ENRICH Research Findings

Institute of Inclusive finance & Development (InM) has conducted an evaluation study titled “Mid-Term Evaluation of the Effectiveness of ENRICH Program at the Household level of 21 Unions of Bangladesh”on in 2015.

According to the analysis of InM, the study focuses on 6 major areas of ENRICH, namely

  1. The Health Programme
  2. The Education Programme
  3. The Environment Programme
  4. The Community Development Programme
  5. The Finance/Economic Programme
  6. Financial Sustainability of ENRICH

The key findings of the study are given below:

1. The Health Programme

The effectiveness of the health programme was assessed by using both quantitative and qualitative methods. The quantitative data were obtained from the global household survey of 1400 households designed to cover all components of the ENRICH programme. In addition some secondary data obtained from the MIS of the ENRICH cell of PKSF were also used. The health component of ENRICH is an universal programme in the sense that all the households in the union are eligible to receive health care provided under this programme regardless of their economic status.


  • According to the research, among all the components of ENRICH, the Health Scheme has expanded the most. Overall, nearly three-quarters of the households availed of at least one of these three facilities (Static clinic, Satellite clinic and Health camp) provided by ENRICH.
  • The household survey shows that more than a third of the households have attended the static clinics, a third have attended satellite clinics, and some 13 per cent have had the opportunity to attend a health camp.
  • The study expected that the sale of health card will expand in due course as people begin to see its benefits more clearly and are also assured of the continuity of the scheme with the passage of time & thus it will help the programme to be financially sustainable.
  • The study proposes that the scheme should consider increasing the incentive for holding the card by access to non-card-holders more restricted and more expensive than is currently the case.
  • Several structural weaknesses of the programme were identified, such as little impact on out-of-pocket expenses (defined here as payments for direct medical inputs) for healthcare; inadequate referral services for treatment at secondary and tertiary levels; and issue about the financial sustainability of the Health Scheme.


  • Provision of drugs and basic pathological tests are essential for yielding better outcomes from the health scheme.
  • Reason for inadequate referral services lies in the absence of any real integration between ENRICH and government health services that are available at the union and upazila levels. Although there is an evident lack of functioning hospitals that can be considered as proper referral centers, the scheme may look for establishing a referral link to the nearest government and/or private or NGO hospitals.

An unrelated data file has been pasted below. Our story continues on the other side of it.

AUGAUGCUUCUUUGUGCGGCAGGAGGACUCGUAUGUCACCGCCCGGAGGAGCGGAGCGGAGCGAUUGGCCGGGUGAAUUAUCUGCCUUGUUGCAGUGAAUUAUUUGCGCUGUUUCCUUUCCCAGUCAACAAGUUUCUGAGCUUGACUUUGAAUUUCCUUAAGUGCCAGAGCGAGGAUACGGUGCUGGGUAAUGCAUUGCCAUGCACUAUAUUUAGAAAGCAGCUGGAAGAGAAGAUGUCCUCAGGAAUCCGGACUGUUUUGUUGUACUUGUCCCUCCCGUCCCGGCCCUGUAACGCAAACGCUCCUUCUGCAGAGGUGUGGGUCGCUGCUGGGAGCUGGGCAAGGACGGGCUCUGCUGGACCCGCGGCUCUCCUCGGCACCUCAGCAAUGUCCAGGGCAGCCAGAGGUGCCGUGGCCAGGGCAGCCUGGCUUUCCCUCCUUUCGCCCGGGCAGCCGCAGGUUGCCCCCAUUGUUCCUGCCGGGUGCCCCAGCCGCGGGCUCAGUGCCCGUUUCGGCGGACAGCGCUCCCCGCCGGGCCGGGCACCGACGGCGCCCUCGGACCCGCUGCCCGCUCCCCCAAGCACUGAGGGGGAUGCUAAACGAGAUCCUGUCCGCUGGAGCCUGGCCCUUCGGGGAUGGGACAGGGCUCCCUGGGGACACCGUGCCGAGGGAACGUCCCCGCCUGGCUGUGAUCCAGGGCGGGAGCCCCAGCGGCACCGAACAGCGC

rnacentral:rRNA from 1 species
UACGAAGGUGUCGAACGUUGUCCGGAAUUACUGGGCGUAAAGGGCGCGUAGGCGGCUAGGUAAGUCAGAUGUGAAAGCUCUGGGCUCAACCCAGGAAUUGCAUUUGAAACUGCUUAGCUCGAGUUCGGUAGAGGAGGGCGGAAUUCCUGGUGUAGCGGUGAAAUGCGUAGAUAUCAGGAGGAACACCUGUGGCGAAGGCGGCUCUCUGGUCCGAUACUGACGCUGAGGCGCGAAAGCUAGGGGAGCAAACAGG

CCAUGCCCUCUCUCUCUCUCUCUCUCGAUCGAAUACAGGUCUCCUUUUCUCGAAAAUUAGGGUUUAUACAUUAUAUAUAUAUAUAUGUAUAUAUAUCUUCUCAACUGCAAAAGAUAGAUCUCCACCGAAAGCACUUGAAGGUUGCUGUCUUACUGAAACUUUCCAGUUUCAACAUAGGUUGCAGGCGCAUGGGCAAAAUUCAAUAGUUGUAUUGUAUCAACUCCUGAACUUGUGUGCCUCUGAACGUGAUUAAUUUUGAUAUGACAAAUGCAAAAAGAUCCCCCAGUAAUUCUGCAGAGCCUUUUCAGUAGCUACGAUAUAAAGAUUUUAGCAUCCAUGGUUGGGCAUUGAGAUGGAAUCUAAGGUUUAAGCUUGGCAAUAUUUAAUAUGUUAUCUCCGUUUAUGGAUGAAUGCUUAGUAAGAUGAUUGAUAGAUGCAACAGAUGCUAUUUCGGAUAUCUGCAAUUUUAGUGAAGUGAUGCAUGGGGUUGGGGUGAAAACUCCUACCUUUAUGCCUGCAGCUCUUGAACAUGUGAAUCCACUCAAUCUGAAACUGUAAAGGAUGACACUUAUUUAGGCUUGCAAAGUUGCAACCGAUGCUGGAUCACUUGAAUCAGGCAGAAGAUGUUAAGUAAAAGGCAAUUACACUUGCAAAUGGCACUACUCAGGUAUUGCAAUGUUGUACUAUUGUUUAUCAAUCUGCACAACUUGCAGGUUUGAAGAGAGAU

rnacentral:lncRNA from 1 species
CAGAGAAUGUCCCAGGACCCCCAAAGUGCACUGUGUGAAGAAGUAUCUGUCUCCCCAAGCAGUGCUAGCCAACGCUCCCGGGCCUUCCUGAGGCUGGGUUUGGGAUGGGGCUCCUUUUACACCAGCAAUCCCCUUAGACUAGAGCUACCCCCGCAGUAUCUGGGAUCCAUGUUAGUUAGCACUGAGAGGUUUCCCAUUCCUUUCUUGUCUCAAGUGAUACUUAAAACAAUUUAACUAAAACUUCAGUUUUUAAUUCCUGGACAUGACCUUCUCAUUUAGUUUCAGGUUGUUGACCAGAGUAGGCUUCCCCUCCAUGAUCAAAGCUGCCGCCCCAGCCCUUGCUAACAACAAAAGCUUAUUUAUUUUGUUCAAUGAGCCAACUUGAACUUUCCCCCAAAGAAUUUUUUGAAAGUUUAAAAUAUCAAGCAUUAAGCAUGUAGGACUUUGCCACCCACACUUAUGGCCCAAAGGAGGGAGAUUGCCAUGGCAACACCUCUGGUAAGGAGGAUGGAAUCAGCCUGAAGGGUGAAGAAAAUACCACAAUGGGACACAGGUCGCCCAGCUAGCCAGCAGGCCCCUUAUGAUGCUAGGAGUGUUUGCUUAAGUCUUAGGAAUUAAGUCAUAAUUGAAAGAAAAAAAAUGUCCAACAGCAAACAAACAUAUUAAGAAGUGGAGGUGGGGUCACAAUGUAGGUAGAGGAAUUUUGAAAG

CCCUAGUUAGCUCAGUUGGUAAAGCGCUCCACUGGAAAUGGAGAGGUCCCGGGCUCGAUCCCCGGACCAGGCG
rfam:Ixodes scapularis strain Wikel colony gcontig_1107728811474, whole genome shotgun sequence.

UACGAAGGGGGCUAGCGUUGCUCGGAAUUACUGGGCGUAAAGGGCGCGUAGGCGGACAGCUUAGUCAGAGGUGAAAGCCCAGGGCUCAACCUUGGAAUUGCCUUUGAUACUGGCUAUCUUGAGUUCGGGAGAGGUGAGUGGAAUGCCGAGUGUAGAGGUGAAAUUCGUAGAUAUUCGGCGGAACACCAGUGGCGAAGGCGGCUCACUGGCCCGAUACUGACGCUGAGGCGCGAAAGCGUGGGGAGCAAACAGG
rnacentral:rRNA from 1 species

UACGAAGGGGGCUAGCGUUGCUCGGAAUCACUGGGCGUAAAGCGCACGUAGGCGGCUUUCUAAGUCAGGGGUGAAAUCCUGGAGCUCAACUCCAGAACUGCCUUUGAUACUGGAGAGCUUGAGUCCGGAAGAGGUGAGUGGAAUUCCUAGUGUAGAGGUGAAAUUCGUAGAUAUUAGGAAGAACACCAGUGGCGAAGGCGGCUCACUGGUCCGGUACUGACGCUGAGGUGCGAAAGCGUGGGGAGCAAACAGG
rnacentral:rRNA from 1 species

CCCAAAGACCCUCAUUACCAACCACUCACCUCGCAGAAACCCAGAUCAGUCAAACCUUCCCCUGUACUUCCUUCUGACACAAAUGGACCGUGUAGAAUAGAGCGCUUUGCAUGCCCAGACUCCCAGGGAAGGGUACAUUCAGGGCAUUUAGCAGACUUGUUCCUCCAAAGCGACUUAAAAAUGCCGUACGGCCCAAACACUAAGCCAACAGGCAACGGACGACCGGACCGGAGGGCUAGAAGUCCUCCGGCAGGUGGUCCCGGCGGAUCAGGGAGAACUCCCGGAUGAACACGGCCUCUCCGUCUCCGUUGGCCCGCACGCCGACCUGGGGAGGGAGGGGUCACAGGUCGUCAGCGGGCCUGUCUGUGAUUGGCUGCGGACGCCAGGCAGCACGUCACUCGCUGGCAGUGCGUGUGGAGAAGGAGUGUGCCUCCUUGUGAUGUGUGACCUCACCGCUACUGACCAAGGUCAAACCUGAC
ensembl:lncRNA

• Health camp is a very useful as well as popular item of the health scheme. This also works as an advertisement of the other components of the scheme.
  • Although the improvement brought about by ENRICH was not perceived to be adequate, an overwhelming majority of respondents felt that there has been an improvement as a result of ENRICH’s interventions: positive response varied between 71 and 88 per cent depending on the dimension of healthcare.

Financial Sustainability of the Health Scheme

Health scheme covers about 17 percent of the costs from its revenue income (2012-13), which is derived mainly from selling health card and the remainder from fees and other sources. Thus, the scheme is still a long way off from being financially self-sustainable.

  • The MIS data shows that the scheme covers about 17 percent of the costs from its revenue income (2012-13); mainly from selling health card and the remainder from fees and other sources.
  • The grants provided by the POs as a cross subsidization from credit programme covers a significant part (about 24%) of the total costs.
  • Thus, about 41 per cent of the total costs are covered from revenue income and contribution of the POs.
  • The remainder 59 per cent comes from PKSF.


2. The Education Programme

The stated objectives of Education Programme are to

  • Enhance the quality of primary education,
  • Eliminate dropout from school and thereby help blossom potentials of meritorious children and
  • Eliminate fear/apprehension (if any) about school among young learners.


  • The research found a promising picture in case of achieving the target of this component.
  • The poor households view the role of ENRICH-sponsored education quite positively.
  • Motivation to go to the school was found to have increased for children in more than 90 per cent of the participating households.
  • Another important finding is that children from the more disadvantaged backgrounds have been served better by these schools.